Reports that surfaced last month hinting at RateSetter's entrance into the corporate lending space appear to have been true. According to Financial Times, the U.K. peer-to-peer lender has secured government approval to begin lending to small and medium-sized enterprises this week.
Reports on Sunday (June 12) said RateSetter has already hired a team of specialists to help it enter into the SME lending competition, which is dominated by top players, like Funding Circle. The British Business Bank is said to be funneling more than $14 million in small business loans through the RateSetter platform.
"Our aim is to help SMEs scale up and become more productive," said Paul Marston, RateSetter's new head of commercial finance. "That is where they're saying is underinvested by traditional banks."
The executive said RateSetter will aim to provide up to $1.4 million worth of financing to small business borrowers, with terms lasting up to five years, according to reports.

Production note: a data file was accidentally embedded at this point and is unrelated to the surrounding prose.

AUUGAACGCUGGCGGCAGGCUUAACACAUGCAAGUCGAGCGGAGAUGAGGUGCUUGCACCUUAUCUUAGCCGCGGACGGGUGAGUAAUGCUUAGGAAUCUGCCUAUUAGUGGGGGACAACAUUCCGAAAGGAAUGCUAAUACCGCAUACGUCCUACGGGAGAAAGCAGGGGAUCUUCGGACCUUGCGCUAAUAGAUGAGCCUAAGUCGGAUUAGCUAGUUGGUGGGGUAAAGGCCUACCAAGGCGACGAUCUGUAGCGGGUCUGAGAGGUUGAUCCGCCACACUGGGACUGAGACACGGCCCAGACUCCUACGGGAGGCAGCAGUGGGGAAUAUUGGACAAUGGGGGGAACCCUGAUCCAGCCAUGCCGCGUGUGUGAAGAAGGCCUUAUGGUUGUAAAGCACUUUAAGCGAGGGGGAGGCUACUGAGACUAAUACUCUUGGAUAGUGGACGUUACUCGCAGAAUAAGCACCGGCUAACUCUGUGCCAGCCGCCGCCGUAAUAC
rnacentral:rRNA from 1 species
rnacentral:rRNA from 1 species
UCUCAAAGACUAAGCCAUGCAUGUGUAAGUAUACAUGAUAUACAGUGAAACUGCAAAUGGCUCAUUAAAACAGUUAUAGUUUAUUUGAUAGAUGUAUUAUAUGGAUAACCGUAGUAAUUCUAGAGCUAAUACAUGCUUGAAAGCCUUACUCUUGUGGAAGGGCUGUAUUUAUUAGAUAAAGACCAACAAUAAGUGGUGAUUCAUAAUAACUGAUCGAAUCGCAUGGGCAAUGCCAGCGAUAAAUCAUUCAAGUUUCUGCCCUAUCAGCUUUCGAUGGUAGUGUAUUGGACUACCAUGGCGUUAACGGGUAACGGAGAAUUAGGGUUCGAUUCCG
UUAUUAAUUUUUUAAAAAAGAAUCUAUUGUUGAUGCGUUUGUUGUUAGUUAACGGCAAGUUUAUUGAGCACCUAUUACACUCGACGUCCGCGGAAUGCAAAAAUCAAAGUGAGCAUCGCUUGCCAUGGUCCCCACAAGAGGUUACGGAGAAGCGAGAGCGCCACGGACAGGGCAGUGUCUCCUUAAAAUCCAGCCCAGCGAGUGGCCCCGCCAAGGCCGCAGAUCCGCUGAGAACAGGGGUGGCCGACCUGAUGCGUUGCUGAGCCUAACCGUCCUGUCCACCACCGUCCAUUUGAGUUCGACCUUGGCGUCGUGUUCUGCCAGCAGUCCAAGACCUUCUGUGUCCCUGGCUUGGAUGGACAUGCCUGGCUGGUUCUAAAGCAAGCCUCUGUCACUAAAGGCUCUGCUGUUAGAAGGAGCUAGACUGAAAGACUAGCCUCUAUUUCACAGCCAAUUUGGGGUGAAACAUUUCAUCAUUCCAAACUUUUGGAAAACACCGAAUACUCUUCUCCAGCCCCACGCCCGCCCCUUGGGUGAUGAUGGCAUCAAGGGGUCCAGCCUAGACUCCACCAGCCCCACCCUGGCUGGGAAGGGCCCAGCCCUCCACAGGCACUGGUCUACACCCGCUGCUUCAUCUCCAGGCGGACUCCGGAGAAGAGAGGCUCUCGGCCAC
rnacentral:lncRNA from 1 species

Marston, whose background includes time at major financial institutions, told reporters that SMEs continue to be underserved by traditional banks in the U.K.
"One of the reasons I left one of the bigger banks is because I could see constant restructuring going on and a reduction in overall customer service and ability to act for SMEs," he said. "There are so many internal systems that the whole thing is drawn out."
According to reports, RateSetter will provide financing to SMEs within two weeks. It will not lend to startups, however.
Last month, reports said RateSetter secured a license to loan to businesses. At the time, the firm's chief executive, Daniel Foggo, told reporters that "traditional lenders are rigid and formulaic in how they decide to lend."
"We will look at a wider range of security options, including the assets of the business or personal guarantees," the executive added.
RateSetter is based out of Australia but operates in the U.K. as one of the market's leading P2P consumer lending platforms, reports said.